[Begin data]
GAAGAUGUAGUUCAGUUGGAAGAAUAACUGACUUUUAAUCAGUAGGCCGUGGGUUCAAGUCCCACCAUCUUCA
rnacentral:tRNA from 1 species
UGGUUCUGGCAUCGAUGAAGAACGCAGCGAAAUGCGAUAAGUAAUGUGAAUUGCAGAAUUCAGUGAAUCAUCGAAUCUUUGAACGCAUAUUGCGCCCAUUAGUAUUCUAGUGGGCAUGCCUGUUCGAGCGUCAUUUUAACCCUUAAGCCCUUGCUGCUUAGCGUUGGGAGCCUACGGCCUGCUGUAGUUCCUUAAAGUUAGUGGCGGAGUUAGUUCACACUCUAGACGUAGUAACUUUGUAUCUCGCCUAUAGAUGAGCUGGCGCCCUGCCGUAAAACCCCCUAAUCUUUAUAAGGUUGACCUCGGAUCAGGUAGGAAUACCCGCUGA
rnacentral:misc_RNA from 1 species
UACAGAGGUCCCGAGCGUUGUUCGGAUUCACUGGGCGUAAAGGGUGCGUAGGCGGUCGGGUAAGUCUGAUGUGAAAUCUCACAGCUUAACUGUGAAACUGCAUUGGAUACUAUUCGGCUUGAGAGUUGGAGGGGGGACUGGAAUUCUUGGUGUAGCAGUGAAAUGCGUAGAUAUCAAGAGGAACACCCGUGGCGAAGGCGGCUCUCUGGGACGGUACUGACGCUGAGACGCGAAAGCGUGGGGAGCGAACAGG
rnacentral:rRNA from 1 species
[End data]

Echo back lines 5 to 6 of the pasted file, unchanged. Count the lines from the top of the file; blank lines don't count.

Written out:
UACAGAGGUCCCGAGCGUUGUUCGGAUUCACUGGGCGUAAAGGGUGCGUAGGCGGUCGGGUAAGUCUGAUGUGAAAUCUCACAGCUUAACUGUGAAACUGCAUUGGAUACUAUUCGGCUUGAGAGUUGGAGGGGGGACUGGAAUUCUUGGUGUAGCAGUGAAAUGCGUAGAUAUCAAGAGGAACACCCGUGGCGAAGGCGGCUCUCUGGGACGGUACUGACGCUGAGACGCGAAAGCGUGGGGAGCGAACAGG
rnacentral:rRNA from 1 species